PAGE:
Met Office Red Wind Warning for Storm Eunice

The Met Office have just issued a rare red wind warning for the North Cornwall coast when Storm Eunice arrives tomorrow morning:

. The storm looks fairly innocuous on the current Met Office synoptic charts:

However Storm Eunice is a “bomb cyclone“, so hurricane force winds are certainly possible in the Davidstow area. The forecast for tomorrow may still change, but the Met Office currently put it this way:

Extremely strong west to southwesterly winds will develop over southwest England and south Wales early on Friday. Widespread inland gusts of 70-80 mph are likely and up to around 90 mph near some coasts, with dangerous conditions on beaches and seafronts. Winds are expected to ease from the west during the late morning.

What to expect

  • Flying debris resulting in danger to life
  • Damage to buildings and homes, with roofs blown off and power lines brought down
  • Uprooted trees are likely
  • Roads, bridges and railway lines closed, with delays and cancellations to bus, train, ferry services and flights
  • Power cuts affecting other services, such as mobile phone coverage
  • Large waves and beach material being thrown onto coastal roads, sea fronts and homes, including flooding of some coastal properties

[Edit – 18:00 on February 17th]

Storm Eunice has now officially formed out in the North Atlantic, and the 12 PM weather model runs are now available. The GFS mean sea level pressure forecast for tomorrow morning now looks like this:

The UK Met Office wind forecast for 8 AM reveals sustained wind speeds of 90 km/hour (56 mph) reaching the coast of North Cornwall:

together with gusts of up to 140 km/hour (87 mph):

Tomorrow morning’s big high tide coincides with the arrival of Storm Eunice. As a result flood warnings have now been issued around the coast of Cornwall:

Flooding is expected over the morning high tide on Friday 18th February. High water at Padstow is at 6.21am, times of high water will vary along the coast. Storm force 10 west-southwesterly winds and offshore wave heights of up to 9m are forecast to cause wave overtopping of sea defences and sea spray in exposed coastal locations including Port Quin, Port Isaac, Port Gaverne, Trebarwith Strand and Boscastle. Flooding is possible two hours either side of high tide. Expect tides to be up to 740mm higher than predicted due to weather conditions. Please take extreme care around the coast, storm force winds and large waves will cause significantly hazardous conditions.

Further north there are severe flood warnings along the estuary of the River Severn past Gloucester:

As the UK Government’s “Check for flooding service” puts it:

🚨Danger to life – act now! 🚨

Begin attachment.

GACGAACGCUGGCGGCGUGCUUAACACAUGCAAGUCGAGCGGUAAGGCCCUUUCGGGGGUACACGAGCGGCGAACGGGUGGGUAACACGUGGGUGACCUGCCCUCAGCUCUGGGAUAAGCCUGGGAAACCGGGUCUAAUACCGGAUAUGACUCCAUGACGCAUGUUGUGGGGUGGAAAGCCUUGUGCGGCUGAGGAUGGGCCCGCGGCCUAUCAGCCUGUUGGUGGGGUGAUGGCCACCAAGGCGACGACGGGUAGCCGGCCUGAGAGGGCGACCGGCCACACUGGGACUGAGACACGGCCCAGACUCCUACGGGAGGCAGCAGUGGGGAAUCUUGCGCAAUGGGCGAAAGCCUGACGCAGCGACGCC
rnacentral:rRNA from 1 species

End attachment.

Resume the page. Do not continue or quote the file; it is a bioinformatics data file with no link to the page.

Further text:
[Edit – 23:00 on February 17th]

The 18:00 weather model runs for the rapidly approaching Storm Eunice provide no comfort for those of us living near the coast of North Cornwall. If anything things look slightly worse than 6 hours ago, with the strongest winds arriving slightly later in the morning:

[Edit – 11:00 on February 18th]

Storm Eunice is now raging outside our windows. Our lights went out just before 10 AM. Fortunately they came back on again a few seconds later, but many other people’s have not. Here is how Western Power Distribution’s power cut map of our part of North Cornwall looks at the moment:

Amongst other problems there is a high voltage fault at Davidstow substation, and currently there are 1218 properties without power between here and Boscastle:

[Edit – 11:00 February 19th]

Our lights have been going out for a few seconds at a time on a regular basis all morning. That seems to be associated with WPD gradually restoring electricity supplies to lots of people between here and Boscastle:

However 690 properties have now been “off supply” for over 24 hours.

[Edit – 14:00 February 19th]

Whilst yesterday’s fault at the Davidstow substation is almost fixed at long last:

another big high voltage fault hit this side of the Atlantic Highway this morning:

[Edit – 18:00 February 19th]

Our electrifying run of recent luck has finally deserted us. I returned from a cycle ride to discover 2 WPD vans parked at the end of our lane, and our power cut:

[Edit – 13:00 on February 20th]

Our luck has returned, as has our power!

[Edit – 23:00 on February 20th]

The strongest wind gusts from Storm Franklin should be arriving in South West England right around now:

[Edit – 23:45 on February 20th]

There’s just been yet another power cut on a feeder from the Davidstow substation, this time north of Hallworthy:

Perhaps the preceding chart provides an explanation?

9 Replies to “Met Office Red Wind Warning for Storm Eunice”

  1. You may be surprised to learn that the Met Office has just announced that “Storm Eunice has now formed in the North Atlantic”:

Leave a Reply to Jim Cancel reply

Your email address will not be published. Required fields are marked *

The maximum upload file size: 2 MB. You can upload: image, audio, video, document, spreadsheet, interactive, text, archive, code, other. Links to YouTube, Facebook, Twitter and other services inserted in the comment text will be automatically embedded.

This site uses Akismet to reduce spam. Learn how your comment data is processed.